Football’s coming home – for the first time since 2009

Think that last year was the first time that England had reached the finals of an international football competition since 1966? Think again – the women were in the 2009 Euro final, and they’re back again.

After smashing their way through the competition, England are through to the finals of the women’s Euro 2022 competition, and quite rightly, the whole nation is beside itself with excitement. Last year, Gareth Southgate’s team managed to help us forget – however fleetingly – about Covid-19, with people up and down the country truly believing that football really was coming home. 

Sadly, the men lost during penalties – but their team came the closest to lifting the cup since 1966. For the women, however, it’s a different story. We’ve not had 56 years of hurt; England actually reached the finals of women’s Euro 2009.

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Under Arsenal legend Faye White’s leadership, our women stormed to the finals of the UEFA Women’s Euro in Finland, eventually losing to Germany. That competition was the first time England had reached a final since 1984, when we lost to Sweden on penalties.

In fact, England women’s (more recently known as the Lionesses) have been way more successful than the men’s teams at the Euros. The women have been both finalists and semi-finalists twice, compared to the men who have only reached the semi-finals once before, and are now facing their first final.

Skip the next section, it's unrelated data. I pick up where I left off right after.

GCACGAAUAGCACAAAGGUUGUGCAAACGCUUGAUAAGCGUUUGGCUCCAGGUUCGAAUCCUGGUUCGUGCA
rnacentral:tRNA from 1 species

It’s amazing to see how quickly attitudes have changed over the course of this Euro 2022 competition. This time last year, I remember wondering why don’t we celebrate women’s footballing successes as much as men’s? Fast forward 12 months, and even Frank Bruno has admitted that he was wrong not to support women’s football.

The Lionesses are a seriously impressive crop of players, with the likes of Lucy Bronze inspiring girls all over the world to get stuck into the game. She led her team to win the SheBelieves Cup over in the US in 2019, and scored during the 3-0 victory over Norway in the quarter-finals of the 2019 FIFA Women’s World Cup. Today, we’re hearing arguably more about players like her, Mary Earps and Beth Mead than national heroes like Kane and Sterling.

The FA Women’s Super League was only made fully professional back in 2018, with 200 players receiving full-time pay for the first time. That means that many of our players were juggling part-time jobs while playing for their clubs and country. The idea that so many lived such normal and probably quite hectic lives for so long – compared with their male peers – is pretty wild, if not inspiring.

When it comes to international football, there’s no need to pick a gender to support but when we have such a brilliant women’s team – which has a proven record of success – dare we hope that the current wave of support continues beyond Sunday?

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Images: Getty

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